Congratulations! We have just deployed our Zend Skeleton Application from scratch and ready to modify its code and develop our own ZF2 based web site.

Using GIT to Update Code in Container

In the last part of this post, I will show how you can connect to your container with the Git client and update the code.

When using Git, you typically make a clone of the code stored in the container, work on it and commit your changes locally, and then push the code back to the container. The Git version control system stores the complete history of the changes you made, so you can roll back your container to any of its previous states. This makes it easy to safely update the code and work on large web applications in a team.

If you don’t have a Git client on your machine yet, I would recommend you to install Tortoise Git that is a convenient graphical Git client for Windows.

To connect to the Git code repository associated with your PHPCloud container, you will need two things: the URL of the repository and a private RSA key.

First, we will obtain the private key. On the Dashboard page, click the Access Keys page. The Access Keys page appears where you can generate a new key pair (see figure below for example).


To do that, in the dropdown list, select the PPK (WinSCP and PuTTY on Windows) option and click the Generate New Keypair button. The PPK private key file then will be downloaded to your machine.

To obtain the Gir repository URL, on the Dashboard page, click the application name (“skeleton” in this example). The popup pane appears (shown in figure below).


On that pane, click the GIT Repository tab. Here you can see two URLs: the first one is the URL for accessing your repository via SSH (recommended), and the second one is for accessing it via HTTPS. You need to copy the first URL.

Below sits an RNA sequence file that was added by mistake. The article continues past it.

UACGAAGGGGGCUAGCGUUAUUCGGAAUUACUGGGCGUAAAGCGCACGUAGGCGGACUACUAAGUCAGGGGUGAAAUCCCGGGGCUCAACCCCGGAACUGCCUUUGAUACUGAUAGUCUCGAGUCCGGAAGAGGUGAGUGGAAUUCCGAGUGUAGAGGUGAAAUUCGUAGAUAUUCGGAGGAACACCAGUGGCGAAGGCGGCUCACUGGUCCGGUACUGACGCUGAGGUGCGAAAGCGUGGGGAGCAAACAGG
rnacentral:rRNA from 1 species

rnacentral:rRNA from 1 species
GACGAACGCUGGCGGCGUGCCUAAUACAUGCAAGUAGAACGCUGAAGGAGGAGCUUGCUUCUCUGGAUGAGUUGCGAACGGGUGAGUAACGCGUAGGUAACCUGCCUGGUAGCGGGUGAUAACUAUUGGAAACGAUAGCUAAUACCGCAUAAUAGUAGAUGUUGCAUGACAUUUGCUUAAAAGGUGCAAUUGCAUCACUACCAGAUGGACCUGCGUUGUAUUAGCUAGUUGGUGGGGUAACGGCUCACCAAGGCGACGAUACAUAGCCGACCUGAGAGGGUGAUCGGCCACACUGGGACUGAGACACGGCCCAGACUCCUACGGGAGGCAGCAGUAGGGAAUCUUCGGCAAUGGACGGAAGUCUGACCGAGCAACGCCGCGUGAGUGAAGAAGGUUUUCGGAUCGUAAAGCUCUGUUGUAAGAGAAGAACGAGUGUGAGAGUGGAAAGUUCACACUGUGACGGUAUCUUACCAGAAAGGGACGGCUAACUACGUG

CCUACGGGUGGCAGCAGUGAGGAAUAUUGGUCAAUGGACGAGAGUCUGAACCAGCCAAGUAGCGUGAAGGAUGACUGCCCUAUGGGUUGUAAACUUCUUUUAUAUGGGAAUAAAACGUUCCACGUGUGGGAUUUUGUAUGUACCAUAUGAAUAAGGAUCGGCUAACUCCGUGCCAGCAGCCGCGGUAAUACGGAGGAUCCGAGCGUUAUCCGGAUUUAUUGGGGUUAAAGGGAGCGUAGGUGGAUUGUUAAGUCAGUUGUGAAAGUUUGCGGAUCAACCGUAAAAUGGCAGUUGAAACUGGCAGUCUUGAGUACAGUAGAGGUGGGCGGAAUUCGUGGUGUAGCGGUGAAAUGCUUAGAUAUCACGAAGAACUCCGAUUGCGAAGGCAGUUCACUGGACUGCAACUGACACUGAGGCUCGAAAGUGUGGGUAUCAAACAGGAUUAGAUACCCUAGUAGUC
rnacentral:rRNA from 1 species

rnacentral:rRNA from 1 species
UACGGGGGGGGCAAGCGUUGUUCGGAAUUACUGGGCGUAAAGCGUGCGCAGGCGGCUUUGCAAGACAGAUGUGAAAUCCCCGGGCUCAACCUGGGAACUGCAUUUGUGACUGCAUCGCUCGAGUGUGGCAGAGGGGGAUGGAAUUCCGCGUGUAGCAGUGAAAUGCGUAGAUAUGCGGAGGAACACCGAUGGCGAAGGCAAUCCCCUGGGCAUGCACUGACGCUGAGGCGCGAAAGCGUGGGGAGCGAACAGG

Next, in Windows Explorer, create an empty directory somewhere and name it, say, “phpcloud”. In Windows explorer, enter the empty directory you have just created and right click on empty space. The context menu appears. Choose the “GIT Clone…” item from the menu. The Git Clone windows appears (shown in figure below).


In the Git window, enter the URL of the repository and pick the PPK file.
Then click the Clone button. The cloning progress window appears:


Once the clone process finishes, you can browse the source code of the skeleton application in Windows explorer (see below for example).


With Tortoise Git, you can make changes, commit them locally and push the changes back to the PHPCloud. In other words, you can work on your web application, apply changes to the code, and see the result in your web browser, the same way you usually do.


I am a software developer currently living in Tomsk, Russia. I received a PhD degree in Computer Science from Tomsk Polytechnic University in 2010. I have been professionally developing C/C++ and PHP software since 2005. I like contributing to open-source and writing programming articles for popular web resources, like CodeProject. Besides writing, I love skiing and watching Formula-1.

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Posted in PHP, Zend Framework 2